Local advisory panel weighs in on patient portal - Cape Cod Healthcare

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Published on December 15, 2020

Local advisory panel weighs in on patient portal

PFAC MyChart

If the Cape Cod Healthcare Patient Family Advisory Council is any indication, most health consumers are likely to sign up for the new patient portal that was rolled out on Nov. 1, 2020. In a polling session earlier this year, the majority of the Council, known as PFAC, said they would start using the portal to manage their healthcare.

Council member Rosemarie Resnik has been using the Cape Cod Healthcare (CCHC) patient portal, known as MyChart, and is enthusiastic about the ways it has improved her healthcare experiences.

“What I absolutely love about it is that, I just had my annual doctor’s appointment and I loved the fact that I could go in and look at test results before I met with the doctor,” she said. “I feel I’m more informed about my health and can ask the doctor questions that I otherwise wouldn’t have been able to do.”

The PFAC is a roughly 2,000-member panel of residents who have agreed to receive occasional questionnaires from a company called Market Street Research, Inc., on behalf of CCHC. The group is comprised of a cross-section of ages, genders and socioeconomic backgrounds, according to Stephanie Gonthier, president of Market Street Research, which has been doing business with CCHC since 2013. About 15-30 percent of PFAC members typically participate in any given survey, she said.

The information gleaned from PFAC questionnaires gives CCHC a sense of how the general public would feel about any given initiative CCHC considers. In this case, CCHC officials wanted to gauge the feelings of the group on the new patient portal.

Cape Cod Healthcare launched the new patient portal, which is powered by the Epic System, the nation’s premier healthcare information systems vendor, on Nov. 1, 2020. In doing so, not only are the local physicians’ offices now connected, but they also have access to patient visit information collected across other Epic-installed health systems outside of CCHC.

At the center of the system is MyChart, a feature-rich electronic health record accessible to patients and their healthcare providers. There are benefits for each. Having a single patient record enables patients’ doctors to have a broader picture of their health status, as sharing notes is now done automatically. This is especially important for those with chronic conditions, like congestive heart failure, diabetes, and COPD.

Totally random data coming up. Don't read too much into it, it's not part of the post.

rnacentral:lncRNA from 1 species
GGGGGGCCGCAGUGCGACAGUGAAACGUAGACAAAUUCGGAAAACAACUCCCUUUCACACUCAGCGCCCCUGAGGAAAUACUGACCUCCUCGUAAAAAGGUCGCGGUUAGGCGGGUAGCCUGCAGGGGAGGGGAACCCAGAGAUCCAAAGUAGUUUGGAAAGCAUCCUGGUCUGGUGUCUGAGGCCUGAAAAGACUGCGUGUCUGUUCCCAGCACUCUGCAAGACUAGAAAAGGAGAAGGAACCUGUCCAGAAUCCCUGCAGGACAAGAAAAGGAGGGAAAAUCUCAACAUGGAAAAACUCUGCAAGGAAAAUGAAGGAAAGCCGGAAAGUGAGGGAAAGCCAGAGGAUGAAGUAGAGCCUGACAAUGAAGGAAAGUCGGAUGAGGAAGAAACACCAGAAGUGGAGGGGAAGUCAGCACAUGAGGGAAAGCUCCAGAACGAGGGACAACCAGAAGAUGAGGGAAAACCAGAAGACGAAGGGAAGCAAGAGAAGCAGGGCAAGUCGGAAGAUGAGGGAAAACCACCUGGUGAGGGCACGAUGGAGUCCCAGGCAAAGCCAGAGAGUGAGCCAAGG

Having all of this important information in a single place ensures that any changes in health status, treatments and medications, among others, are immediately recognized and accounted for.

Before her recent annual physical appointment, Resnik was able to access her routine test results that had been ordered prior to the visit. When she saw that her Vitamin D level had dropped from last year, she went into the appointment armed with questions for the doctor. In the past, when the results were given to her during the appointment, she said she did not feel as prepared to review and ask pertinent questions.

“(The portal) gives the patient the ability to be more included in their healthcare, and to be able to ask informed questions,” she said.

Resnik also arranged to have access to her 90-year-old mother’s portal information, which keeps her informed and enables her to help her mother manage her healthcare, she said.

“It’s one-stop shopping,” she said.

Other information gathered from PFAC members in the questionnaire included:

  • Most members of the council have experience with patient portals and use them at least occasionally.
  • Overall interest in using patient portals is high, particularly for accessing personal health information, such as test results, and communicating/sharing information across multiple providers.
  • Over half of PFAC patients said that using MyChart by Epic would strengthen their image of Cape Cod Healthcare, knowing that other major hospitals also use this platform.
  • Most patients were interested in using a patient portal and they liked the idea of using the portal to communicate with various providers.

The majority of the PFAC, 68 percent, found using the patient portal to share information across providers “very appealing.” Sixty-nine percent of the group said they were “very likely” to sign up for the portal.

“The more informed people are about its easy access, and how all of the information is at your fingertips, and how anyone can do it, people will be using it more and more,” said Resnik.